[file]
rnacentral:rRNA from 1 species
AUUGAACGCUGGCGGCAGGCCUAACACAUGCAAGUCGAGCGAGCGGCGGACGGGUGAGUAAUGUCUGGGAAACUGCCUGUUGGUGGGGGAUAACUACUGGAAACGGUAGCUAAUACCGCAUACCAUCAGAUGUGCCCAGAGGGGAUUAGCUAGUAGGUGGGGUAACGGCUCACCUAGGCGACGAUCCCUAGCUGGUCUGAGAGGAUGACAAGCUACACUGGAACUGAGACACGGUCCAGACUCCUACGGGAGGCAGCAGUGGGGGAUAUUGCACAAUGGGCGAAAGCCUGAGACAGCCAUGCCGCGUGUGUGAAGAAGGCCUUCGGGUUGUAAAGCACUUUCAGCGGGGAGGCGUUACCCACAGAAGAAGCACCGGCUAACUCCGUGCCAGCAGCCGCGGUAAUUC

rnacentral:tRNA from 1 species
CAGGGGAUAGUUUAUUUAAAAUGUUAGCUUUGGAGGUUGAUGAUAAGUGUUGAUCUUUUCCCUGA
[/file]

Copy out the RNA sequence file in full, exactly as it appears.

rnacentral:rRNA from 1 species
AUUGAACGCUGGCGGCAGGCCUAACACAUGCAAGUCGAGCGAGCGGCGGACGGGUGAGUAAUGUCUGGGAAACUGCCUGUUGGUGGGGGAUAACUACUGGAAACGGUAGCUAAUACCGCAUACCAUCAGAUGUGCCCAGAGGGGAUUAGCUAGUAGGUGGGGUAACGGCUCACCUAGGCGACGAUCCCUAGCUGGUCUGAGAGGAUGACAAGCUACACUGGAACUGAGACACGGUCCAGACUCCUACGGGAGGCAGCAGUGGGGGAUAUUGCACAAUGGGCGAAAGCCUGAGACAGCCAUGCCGCGUGUGUGAAGAAGGCCUUCGGGUUGUAAAGCACUUUCAGCGGGGAGGCGUUACCCACAGAAGAAGCACCGGCUAACUCCGUGCCAGCAGCCGCGGUAAUUC

rnacentral:tRNA from 1 species
CAGGGGAUAGUUUAUUUAAAAUGUUAGCUUUGGAGGUUGAUGAUAAGUGUUGAUCUUUUCCCUGA